Executive Function

Executive functions have been called the cornerstones of success. They are vital for emotional intelligence, mental health, interpersonal relationships and productivity. Executive functions are a collection of internal cognitive processes which are required for the successful management of behavior: successfully monitoring and choosing behaviors that facilitate the achievement of pre-determined goals. Executive functions are engaged when the self-regulating processes of the mind take over to regulate the way one behaves in response to external stimuli which can influence the achievement or failure. An executive's ability to make decisions is divided between the different types of thinking processes: rational and non-rational thinking. This executive function ability is based on the theory that the brain has to make use of both internal (conscious) and external (extensive) resources to solve problems.

The executive function consists of five basic areas: emotional control, information processing, performance management, planning and interpersonal skills. Executive dysfunction is often manifested as a dysfunctional relationship between an individual and their emotions. In fact, when a person is emotionally unbalanced, they may exhibit poor self regulation and poor impulse control. The inability to maintain healthy relationships and the inability to manage their time may also result to the accumulation of executive dysfunction. As a result, when there is an imbalance between the amount of emotions being released and the amount of time one has to spend on managing their emotions, the result is poor time management and poor emotional control.

Executive functioning skills are developed through progressive exposure to increasingly difficult situations. The executive functions that are formed by experience include: the ability to decide and understand, the ability to organize thoughts and behavior, the ability to define and criticize, the ability to make decisions and the ability to evaluate or act. These skills are learned through a life experience which comes from various exposures and various forms of learning. There is an important role played by the frontal lobe in executive functioning skills, with the Frontal Lobe consisting of the parietal cortex and the central cortex, and these areas support the executive function. Click here for more info about these experts.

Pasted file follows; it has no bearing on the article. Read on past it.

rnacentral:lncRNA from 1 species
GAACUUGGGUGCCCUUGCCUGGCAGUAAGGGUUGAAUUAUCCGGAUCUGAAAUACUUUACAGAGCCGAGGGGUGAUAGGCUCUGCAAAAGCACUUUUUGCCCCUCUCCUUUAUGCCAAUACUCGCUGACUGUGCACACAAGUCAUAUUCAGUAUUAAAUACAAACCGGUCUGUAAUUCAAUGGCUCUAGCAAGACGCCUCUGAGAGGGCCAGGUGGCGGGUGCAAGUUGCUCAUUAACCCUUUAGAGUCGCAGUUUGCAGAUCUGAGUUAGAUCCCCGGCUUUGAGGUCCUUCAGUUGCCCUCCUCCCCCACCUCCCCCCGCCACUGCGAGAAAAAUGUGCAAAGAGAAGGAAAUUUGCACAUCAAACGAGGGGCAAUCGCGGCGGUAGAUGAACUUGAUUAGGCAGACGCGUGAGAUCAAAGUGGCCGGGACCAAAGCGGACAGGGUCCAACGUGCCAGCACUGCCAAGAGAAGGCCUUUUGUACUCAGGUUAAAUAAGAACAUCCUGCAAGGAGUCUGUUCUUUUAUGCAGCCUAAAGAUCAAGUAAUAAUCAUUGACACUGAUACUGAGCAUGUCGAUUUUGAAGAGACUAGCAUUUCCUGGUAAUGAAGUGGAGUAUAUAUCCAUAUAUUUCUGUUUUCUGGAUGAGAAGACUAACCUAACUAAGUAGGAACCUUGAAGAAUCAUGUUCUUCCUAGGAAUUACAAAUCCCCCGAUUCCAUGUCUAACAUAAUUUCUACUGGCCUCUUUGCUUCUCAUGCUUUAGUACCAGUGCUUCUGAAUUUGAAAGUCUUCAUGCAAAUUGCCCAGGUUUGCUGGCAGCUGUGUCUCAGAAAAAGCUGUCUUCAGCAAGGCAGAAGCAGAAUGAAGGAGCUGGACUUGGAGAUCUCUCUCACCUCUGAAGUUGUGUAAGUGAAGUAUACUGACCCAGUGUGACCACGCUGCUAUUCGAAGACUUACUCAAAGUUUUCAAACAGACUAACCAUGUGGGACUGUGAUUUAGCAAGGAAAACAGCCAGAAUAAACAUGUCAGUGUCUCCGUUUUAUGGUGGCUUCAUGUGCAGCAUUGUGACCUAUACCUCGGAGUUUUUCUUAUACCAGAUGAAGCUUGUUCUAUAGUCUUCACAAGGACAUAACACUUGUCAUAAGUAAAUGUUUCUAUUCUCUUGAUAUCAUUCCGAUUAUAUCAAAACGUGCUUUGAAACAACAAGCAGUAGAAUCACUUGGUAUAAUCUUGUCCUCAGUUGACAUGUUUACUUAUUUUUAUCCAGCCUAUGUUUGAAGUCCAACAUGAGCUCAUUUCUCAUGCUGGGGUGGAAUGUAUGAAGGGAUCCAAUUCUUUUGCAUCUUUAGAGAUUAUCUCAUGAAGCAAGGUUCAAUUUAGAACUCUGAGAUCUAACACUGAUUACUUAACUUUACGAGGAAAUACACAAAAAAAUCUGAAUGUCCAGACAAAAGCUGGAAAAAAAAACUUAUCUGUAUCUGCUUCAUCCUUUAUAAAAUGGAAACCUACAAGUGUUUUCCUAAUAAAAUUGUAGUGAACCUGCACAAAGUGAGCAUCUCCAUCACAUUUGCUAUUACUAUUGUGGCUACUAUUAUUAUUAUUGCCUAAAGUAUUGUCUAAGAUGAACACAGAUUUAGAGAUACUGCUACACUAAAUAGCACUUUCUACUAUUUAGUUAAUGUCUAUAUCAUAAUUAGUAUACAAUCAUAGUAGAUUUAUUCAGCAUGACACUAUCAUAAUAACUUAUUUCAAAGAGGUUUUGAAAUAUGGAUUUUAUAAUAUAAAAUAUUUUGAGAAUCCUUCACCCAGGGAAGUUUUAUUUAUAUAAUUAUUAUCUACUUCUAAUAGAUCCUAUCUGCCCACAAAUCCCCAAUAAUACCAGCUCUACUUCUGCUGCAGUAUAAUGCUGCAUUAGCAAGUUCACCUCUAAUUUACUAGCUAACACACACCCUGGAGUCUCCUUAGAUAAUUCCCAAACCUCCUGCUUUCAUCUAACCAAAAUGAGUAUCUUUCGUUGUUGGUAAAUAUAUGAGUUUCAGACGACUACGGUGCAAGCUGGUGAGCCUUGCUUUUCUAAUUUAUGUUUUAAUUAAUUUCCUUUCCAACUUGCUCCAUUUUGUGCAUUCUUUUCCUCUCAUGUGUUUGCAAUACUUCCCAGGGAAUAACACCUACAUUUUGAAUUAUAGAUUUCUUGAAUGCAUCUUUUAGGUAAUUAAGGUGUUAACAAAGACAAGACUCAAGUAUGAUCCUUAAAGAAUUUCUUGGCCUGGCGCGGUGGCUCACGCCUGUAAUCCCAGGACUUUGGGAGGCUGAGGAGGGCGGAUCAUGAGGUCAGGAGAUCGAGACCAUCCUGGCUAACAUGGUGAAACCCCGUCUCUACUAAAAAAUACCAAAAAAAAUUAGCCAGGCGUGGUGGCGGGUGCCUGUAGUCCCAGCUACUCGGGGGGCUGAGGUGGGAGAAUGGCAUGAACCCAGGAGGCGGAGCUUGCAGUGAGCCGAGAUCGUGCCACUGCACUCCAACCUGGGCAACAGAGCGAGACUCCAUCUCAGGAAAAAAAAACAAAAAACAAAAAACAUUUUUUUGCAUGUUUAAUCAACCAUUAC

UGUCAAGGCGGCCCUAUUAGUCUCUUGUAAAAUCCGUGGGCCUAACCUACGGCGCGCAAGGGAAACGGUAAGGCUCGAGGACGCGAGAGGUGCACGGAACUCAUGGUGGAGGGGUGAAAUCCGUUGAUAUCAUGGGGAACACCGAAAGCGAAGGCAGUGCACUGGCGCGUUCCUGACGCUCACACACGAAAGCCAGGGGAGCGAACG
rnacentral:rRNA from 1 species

The executive function in children is primarily affected by two factors: how they interact with others and their neural structure. Children with Autism usually lack self-regulation skills, have low self empathy and poor self sympathy, which then translate to poor socialization and poor academic performance. Because children with Autism have difficulty making connections, they are likely to be aggressive or have a lack of eye contact. With regards to the executive function, children with Autism tend to be slower to learn new things, have limited self-regulation and poor control over behavior. They can have poor academic performance and a tendency toward impulsive and erratic behavior.

Executive dysfunction also causes the brain to rely on working memory to compensate for a lack of information or failure to process information. Executive dysfunction also causes the absence of planning skills, the inability to organize tasks and failure to establish goals and objectives. The executive function is important for people who are planning to rise above the average levels of performance in their given tasks. When this part of the brain is impaired, people may find it difficult to rise to the challenge of academically or professionally.

People with Autism are not alone in dealing with this type of deficiency. A large proportion of the population will encounter some difficulties with executive functioning skills during childhood and early adolescence. It is important to know that there is help for those with this condition. The most important issue is self-regulation training as it addresses the issues surrounding self regulation and helps improve self-regulation skills, which are essential for people with Autism. For additional details regarding this topic, check out this link: https://en.wikipedia.org/wiki/Executive_functions.

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